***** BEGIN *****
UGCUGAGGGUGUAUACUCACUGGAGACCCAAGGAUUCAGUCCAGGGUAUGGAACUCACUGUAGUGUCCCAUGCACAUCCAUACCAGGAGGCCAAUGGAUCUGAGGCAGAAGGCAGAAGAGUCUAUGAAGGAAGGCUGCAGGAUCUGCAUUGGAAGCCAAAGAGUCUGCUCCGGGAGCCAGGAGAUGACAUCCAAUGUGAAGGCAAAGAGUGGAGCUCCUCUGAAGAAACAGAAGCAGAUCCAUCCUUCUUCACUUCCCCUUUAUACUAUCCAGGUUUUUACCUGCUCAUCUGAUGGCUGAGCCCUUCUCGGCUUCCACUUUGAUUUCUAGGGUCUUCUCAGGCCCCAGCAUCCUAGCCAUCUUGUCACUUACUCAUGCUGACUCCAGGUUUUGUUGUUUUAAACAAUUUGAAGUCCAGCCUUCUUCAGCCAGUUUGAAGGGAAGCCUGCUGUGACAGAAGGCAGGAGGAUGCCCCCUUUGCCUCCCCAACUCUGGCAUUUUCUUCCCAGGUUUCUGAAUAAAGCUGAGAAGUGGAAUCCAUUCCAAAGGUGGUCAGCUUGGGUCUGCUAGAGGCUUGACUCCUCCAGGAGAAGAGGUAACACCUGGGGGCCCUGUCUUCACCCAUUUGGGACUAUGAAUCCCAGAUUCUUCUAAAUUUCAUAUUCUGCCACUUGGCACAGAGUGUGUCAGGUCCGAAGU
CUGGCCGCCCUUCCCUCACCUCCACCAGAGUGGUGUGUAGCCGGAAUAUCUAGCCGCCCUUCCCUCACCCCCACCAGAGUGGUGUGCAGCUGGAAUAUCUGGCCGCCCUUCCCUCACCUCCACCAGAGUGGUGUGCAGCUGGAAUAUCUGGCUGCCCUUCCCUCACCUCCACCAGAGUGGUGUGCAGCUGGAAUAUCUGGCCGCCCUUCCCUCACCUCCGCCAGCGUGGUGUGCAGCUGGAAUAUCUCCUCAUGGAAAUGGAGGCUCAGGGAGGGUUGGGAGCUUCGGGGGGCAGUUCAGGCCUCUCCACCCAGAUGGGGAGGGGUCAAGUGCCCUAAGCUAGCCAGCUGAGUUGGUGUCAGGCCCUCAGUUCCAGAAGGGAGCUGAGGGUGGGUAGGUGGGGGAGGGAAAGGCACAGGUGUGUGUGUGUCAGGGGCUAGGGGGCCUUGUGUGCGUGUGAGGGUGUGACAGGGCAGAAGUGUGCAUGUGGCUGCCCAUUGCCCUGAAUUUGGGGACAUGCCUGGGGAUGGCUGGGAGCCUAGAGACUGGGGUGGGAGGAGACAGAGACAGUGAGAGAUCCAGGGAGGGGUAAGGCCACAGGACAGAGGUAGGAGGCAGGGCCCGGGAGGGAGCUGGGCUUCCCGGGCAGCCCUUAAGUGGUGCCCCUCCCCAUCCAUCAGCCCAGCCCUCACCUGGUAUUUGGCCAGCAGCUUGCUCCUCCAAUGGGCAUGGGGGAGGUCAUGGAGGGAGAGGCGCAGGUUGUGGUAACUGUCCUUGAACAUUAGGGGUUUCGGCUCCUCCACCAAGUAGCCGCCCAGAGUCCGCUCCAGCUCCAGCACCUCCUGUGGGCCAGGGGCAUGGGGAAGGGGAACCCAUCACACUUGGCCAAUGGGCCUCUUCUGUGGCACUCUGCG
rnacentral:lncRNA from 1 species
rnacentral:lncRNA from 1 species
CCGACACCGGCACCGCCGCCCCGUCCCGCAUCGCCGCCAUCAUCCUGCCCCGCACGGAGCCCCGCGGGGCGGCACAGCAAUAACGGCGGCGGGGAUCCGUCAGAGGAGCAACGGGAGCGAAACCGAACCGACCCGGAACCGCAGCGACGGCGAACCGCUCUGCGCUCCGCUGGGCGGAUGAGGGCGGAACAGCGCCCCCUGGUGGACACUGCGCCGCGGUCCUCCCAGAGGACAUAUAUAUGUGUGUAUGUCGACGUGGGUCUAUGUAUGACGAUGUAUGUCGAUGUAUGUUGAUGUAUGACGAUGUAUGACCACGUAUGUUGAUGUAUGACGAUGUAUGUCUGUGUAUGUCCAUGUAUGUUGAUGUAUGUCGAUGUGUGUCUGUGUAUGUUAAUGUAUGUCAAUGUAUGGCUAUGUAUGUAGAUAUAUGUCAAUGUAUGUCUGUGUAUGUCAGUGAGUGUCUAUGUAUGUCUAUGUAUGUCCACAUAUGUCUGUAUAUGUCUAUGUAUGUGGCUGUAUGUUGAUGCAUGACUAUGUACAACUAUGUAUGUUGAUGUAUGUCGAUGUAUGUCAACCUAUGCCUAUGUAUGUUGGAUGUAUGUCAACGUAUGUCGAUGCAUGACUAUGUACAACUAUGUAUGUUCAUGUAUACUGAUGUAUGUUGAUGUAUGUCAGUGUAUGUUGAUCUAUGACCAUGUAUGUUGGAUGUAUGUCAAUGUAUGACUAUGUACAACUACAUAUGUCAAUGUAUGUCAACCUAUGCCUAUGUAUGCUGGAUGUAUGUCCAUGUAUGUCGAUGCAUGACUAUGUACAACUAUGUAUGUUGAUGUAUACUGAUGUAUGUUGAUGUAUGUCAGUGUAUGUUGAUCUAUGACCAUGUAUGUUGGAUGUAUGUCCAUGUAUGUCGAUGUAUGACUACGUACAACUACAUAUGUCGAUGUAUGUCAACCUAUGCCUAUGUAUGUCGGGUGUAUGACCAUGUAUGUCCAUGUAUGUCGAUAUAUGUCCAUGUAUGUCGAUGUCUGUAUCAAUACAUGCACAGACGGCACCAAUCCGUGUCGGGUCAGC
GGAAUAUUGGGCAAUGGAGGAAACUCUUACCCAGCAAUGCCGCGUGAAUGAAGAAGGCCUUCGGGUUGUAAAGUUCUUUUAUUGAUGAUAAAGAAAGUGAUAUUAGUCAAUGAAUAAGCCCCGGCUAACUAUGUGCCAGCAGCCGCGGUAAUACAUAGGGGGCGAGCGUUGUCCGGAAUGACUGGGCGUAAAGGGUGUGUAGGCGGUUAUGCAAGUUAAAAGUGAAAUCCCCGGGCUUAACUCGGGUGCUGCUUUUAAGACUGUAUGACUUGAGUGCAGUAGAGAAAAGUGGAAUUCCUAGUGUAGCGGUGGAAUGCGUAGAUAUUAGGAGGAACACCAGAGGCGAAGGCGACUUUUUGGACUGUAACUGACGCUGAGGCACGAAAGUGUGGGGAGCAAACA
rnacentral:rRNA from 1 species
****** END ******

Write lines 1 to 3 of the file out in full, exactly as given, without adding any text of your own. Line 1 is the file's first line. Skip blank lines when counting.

UGCUGAGGGUGUAUACUCACUGGAGACCCAAGGAUUCAGUCCAGGGUAUGGAACUCACUGUAGUGUCCCAUGCACAUCCAUACCAGGAGGCCAAUGGAUCUGAGGCAGAAGGCAGAAGAGUCUAUGAAGGAAGGCUGCAGGAUCUGCAUUGGAAGCCAAAGAGUCUGCUCCGGGAGCCAGGAGAUGACAUCCAAUGUGAAGGCAAAGAGUGGAGCUCCUCUGAAGAAACAGAAGCAGAUCCAUCCUUCUUCACUUCCCCUUUAUACUAUCCAGGUUUUUACCUGCUCAUCUGAUGGCUGAGCCCUUCUCGGCUUCCACUUUGAUUUCUAGGGUCUUCUCAGGCCCCAGCAUCCUAGCCAUCUUGUCACUUACUCAUGCUGACUCCAGGUUUUGUUGUUUUAAACAAUUUGAAGUCCAGCCUUCUUCAGCCAGUUUGAAGGGAAGCCUGCUGUGACAGAAGGCAGGAGGAUGCCCCCUUUGCCUCCCCAACUCUGGCAUUUUCUUCCCAGGUUUCUGAAUAAAGCUGAGAAGUGGAAUCCAUUCCAAAGGUGGUCAGCUUGGGUCUGCUAGAGGCUUGACUCCUCCAGGAGAAGAGGUAACACCUGGGGGCCCUGUCUUCACCCAUUUGGGACUAUGAAUCCCAGAUUCUUCUAAAUUUCAUAUUCUGCCACUUGGCACAGAGUGUGUCAGGUCCGAAGU
CUGGCCGCCCUUCCCUCACCUCCACCAGAGUGGUGUGUAGCCGGAAUAUCUAGCCGCCCUUCCCUCACCCCCACCAGAGUGGUGUGCAGCUGGAAUAUCUGGCCGCCCUUCCCUCACCUCCACCAGAGUGGUGUGCAGCUGGAAUAUCUGGCUGCCCUUCCCUCACCUCCACCAGAGUGGUGUGCAGCUGGAAUAUCUGGCCGCCCUUCCCUCACCUCCGCCAGCGUGGUGUGCAGCUGGAAUAUCUCCUCAUGGAAAUGGAGGCUCAGGGAGGGUUGGGAGCUUCGGGGGGCAGUUCAGGCCUCUCCACCCAGAUGGGGAGGGGUCAAGUGCCCUAAGCUAGCCAGCUGAGUUGGUGUCAGGCCCUCAGUUCCAGAAGGGAGCUGAGGGUGGGUAGGUGGGGGAGGGAAAGGCACAGGUGUGUGUGUGUCAGGGGCUAGGGGGCCUUGUGUGCGUGUGAGGGUGUGACAGGGCAGAAGUGUGCAUGUGGCUGCCCAUUGCCCUGAAUUUGGGGACAUGCCUGGGGAUGGCUGGGAGCCUAGAGACUGGGGUGGGAGGAGACAGAGACAGUGAGAGAUCCAGGGAGGGGUAAGGCCACAGGACAGAGGUAGGAGGCAGGGCCCGGGAGGGAGCUGGGCUUCCCGGGCAGCCCUUAAGUGGUGCCCCUCCCCAUCCAUCAGCCCAGCCCUCACCUGGUAUUUGGCCAGCAGCUUGCUCCUCCAAUGGGCAUGGGGGAGGUCAUGGAGGGAGAGGCGCAGGUUGUGGUAACUGUCCUUGAACAUUAGGGGUUUCGGCUCCUCCACCAAGUAGCCGCCCAGAGUCCGCUCCAGCUCCAGCACCUCCUGUGGGCCAGGGGCAUGGGGAAGGGGAACCCAUCACACUUGGCCAAUGGGCCUCUUCUGUGGCACUCUGCG
rnacentral:lncRNA from 1 species